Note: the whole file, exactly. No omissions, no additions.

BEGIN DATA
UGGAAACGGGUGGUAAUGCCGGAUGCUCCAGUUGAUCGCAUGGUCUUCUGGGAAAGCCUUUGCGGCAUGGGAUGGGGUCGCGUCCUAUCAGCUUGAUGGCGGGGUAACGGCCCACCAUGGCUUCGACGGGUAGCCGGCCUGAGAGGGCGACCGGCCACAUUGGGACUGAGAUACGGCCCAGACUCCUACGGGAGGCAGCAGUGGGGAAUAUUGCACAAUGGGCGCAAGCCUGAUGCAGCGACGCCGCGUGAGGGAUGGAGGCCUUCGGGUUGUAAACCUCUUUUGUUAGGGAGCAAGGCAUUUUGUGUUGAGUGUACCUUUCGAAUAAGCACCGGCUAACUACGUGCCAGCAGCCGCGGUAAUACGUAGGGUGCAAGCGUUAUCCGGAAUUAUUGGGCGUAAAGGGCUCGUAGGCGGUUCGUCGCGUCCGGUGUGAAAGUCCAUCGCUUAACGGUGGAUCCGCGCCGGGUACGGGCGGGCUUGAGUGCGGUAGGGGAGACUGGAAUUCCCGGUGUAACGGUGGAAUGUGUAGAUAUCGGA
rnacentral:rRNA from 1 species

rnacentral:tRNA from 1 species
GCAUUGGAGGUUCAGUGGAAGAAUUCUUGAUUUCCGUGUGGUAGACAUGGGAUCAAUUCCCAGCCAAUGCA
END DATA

UGGAAACGGGUGGUAAUGCCGGAUGCUCCAGUUGAUCGCAUGGUCUUCUGGGAAAGCCUUUGCGGCAUGGGAUGGGGUCGCGUCCUAUCAGCUUGAUGGCGGGGUAACGGCCCACCAUGGCUUCGACGGGUAGCCGGCCUGAGAGGGCGACCGGCCACAUUGGGACUGAGAUACGGCCCAGACUCCUACGGGAGGCAGCAGUGGGGAAUAUUGCACAAUGGGCGCAAGCCUGAUGCAGCGACGCCGCGUGAGGGAUGGAGGCCUUCGGGUUGUAAACCUCUUUUGUUAGGGAGCAAGGCAUUUUGUGUUGAGUGUACCUUUCGAAUAAGCACCGGCUAACUACGUGCCAGCAGCCGCGGUAAUACGUAGGGUGCAAGCGUUAUCCGGAAUUAUUGGGCGUAAAGGGCUCGUAGGCGGUUCGUCGCGUCCGGUGUGAAAGUCCAUCGCUUAACGGUGGAUCCGCGCCGGGUACGGGCGGGCUUGAGUGCGGUAGGGGAGACUGGAAUUCCCGGUGUAACGGUGGAAUGUGUAGAUAUCGGA
rnacentral:rRNA from 1 species

rnacentral:tRNA from 1 species
GCAUUGGAGGUUCAGUGGAAGAAUUCUUGAUUUCCGUGUGGUAGACAUGGGAUCAAUUCCCAGCCAAUGCA